While not all who have cancer will experience it, some cancer patients may experience pain. This may be pain from the cancer itself or pain from various treatment forms but the last thing someone wants to deal with when they are treating cancer is pain. Mayo Clinic elaborates on what causes pain during cancer treatment, “Cancer pain can result from the cancer itself. Cancer can cause pain by growing into or destroying tissue near the cancer. Cancer pain can come from the primary cancer itself — where the cancer started — or from other areas in the body where the cancer has spread (metastases). As a tumor grows, it may put pressure on nerves, bones or organs, causing pain. Cancer pain may not just be from the physical effect of the cancer on a region of the body, but also due to chemicals that the cancer may release in the region of the tumor. Treatment of the cancer can help the pain in these situations. Cancer treatments — such as chemotherapy, radiation and surgery — are another potential source of cancer pain. Surgery can be painful, and it may take time to recover. Radiation may leave behind a burning sensation or painful scars. And chemotherapy can cause many potentially painful side effects, including mouth sores, diarrhea and nerve damage.” Fortunately, while pain during cancer treatment is not ideal, there are a variety of ways to treat and manage cancer pain. If you are experiencing pain it is important to consult your physician who will be able to provide you individualized advice based on your unique health and diagnosis. Cancer pain management can come in the form of medication or other non-medication options. Below we explore some possible ways to manage cancer pain so that you can focus on what matters most during cancer treatment, beating cancer and improving your health.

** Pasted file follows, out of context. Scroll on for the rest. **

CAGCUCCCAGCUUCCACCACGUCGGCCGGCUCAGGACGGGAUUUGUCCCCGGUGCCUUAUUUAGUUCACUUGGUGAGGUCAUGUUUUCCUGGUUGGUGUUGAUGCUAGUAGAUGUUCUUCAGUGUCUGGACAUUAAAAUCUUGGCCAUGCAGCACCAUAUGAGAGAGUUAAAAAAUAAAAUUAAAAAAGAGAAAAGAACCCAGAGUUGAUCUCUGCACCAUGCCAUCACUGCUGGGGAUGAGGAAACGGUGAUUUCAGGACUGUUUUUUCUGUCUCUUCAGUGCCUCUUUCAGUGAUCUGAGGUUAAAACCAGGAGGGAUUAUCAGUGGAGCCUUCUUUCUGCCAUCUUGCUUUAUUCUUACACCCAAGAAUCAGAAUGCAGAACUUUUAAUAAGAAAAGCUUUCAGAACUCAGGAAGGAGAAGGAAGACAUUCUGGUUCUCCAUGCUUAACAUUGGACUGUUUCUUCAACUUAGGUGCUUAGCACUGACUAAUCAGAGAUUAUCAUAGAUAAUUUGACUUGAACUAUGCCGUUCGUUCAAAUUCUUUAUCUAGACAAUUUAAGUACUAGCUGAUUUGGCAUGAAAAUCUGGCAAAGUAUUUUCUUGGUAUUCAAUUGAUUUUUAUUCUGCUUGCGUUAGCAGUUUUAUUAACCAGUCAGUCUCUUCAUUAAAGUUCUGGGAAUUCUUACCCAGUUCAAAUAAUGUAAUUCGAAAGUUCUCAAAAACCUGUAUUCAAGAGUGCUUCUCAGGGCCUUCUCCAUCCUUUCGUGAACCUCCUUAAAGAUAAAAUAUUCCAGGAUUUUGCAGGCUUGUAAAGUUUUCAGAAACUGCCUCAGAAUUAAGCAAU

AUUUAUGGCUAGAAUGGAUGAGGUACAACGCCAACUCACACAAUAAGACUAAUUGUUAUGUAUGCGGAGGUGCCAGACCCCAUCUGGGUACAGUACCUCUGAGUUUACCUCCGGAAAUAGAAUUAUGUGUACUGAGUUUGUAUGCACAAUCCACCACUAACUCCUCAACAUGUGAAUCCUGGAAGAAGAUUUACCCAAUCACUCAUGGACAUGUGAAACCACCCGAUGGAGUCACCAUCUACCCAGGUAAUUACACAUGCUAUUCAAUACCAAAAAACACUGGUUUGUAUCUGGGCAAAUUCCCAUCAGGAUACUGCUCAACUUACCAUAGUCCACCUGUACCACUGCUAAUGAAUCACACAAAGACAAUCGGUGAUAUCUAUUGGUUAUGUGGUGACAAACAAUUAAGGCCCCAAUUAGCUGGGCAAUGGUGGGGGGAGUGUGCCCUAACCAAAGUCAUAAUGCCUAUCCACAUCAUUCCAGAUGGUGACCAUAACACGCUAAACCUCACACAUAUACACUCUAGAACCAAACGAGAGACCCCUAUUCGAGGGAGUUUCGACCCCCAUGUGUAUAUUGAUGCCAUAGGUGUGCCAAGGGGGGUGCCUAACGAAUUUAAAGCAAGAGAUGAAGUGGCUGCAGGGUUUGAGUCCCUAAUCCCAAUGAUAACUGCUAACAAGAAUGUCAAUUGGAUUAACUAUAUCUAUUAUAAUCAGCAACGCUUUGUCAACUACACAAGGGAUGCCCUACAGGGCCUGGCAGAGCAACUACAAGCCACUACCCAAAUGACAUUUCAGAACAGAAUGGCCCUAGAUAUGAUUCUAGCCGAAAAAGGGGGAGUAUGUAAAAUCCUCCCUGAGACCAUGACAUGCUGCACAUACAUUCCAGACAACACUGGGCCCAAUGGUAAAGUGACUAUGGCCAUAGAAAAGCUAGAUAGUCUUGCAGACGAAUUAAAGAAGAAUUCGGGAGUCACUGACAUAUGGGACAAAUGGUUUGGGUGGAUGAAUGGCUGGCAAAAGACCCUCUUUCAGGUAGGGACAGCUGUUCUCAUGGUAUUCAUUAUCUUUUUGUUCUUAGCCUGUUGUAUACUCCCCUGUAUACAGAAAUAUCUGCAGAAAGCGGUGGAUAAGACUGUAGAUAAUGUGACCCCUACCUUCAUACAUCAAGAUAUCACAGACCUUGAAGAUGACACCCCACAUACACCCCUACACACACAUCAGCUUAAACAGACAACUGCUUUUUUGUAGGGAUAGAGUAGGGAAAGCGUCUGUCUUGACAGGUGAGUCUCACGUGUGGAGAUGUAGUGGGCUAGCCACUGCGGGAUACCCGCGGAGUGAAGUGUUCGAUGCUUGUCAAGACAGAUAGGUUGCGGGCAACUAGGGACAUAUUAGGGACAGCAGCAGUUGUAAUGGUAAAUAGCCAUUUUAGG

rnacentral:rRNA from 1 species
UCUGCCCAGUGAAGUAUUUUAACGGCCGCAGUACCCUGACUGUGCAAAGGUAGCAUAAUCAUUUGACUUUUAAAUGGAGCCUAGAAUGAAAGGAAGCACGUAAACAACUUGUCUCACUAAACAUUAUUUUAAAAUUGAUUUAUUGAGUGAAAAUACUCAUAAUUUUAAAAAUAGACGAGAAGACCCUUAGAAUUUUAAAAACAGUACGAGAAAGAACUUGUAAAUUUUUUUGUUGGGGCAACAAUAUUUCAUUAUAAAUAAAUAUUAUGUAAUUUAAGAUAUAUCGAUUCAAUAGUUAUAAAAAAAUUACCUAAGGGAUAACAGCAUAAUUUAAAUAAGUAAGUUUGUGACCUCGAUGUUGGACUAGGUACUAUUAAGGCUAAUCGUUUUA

Pain Management During Cancer Treatment:
1. Opioid Pain Medication
- Opioid medications are narcotic drugs that are used for moderate – severe pain control during cancer treatment. These are prescription drugs that your doctor will recommend and they may be prescribed alongside other non-opioid medications to help manage pain. A few examples of these medications include Hydrocodone, Oxycodone, Morphine, Dilauded, Fentanyl and more. Dosage of opioid medication will be determined by your physician as a part of your cancer pain management plan and can be adjusted as needed should pain decrease or increase. It is important to always consult your physician if an adjustment to dosage is needed to ensure proper opioid safety for your health.
2. Non-Opioid Pain Medication
- Non-Opioid pain medication is over-the-counter medication such as acetaminophen or NSAIDs (non-steroidal anti-inflammatory drugs) such as ibuprofen or aspirin. These medications help manage pain and reduce inflammation and are typically recommended for milk – moderate pain control. While they are over-the-counter medications that do not require a prescription, it is still wise to consult your physician before adding them to your pain management plan because some opioid medications also contain things like Tylenol or NSAIDs.
3. Complimentary Therapy
- While medication may be the most effective form of pain management during cancer treatment, many have found that complimentary therapy can make a great addition or even work just as well for certain forms of pain. Complimentary therapy may include physical therapy, acupuncture, massage and more.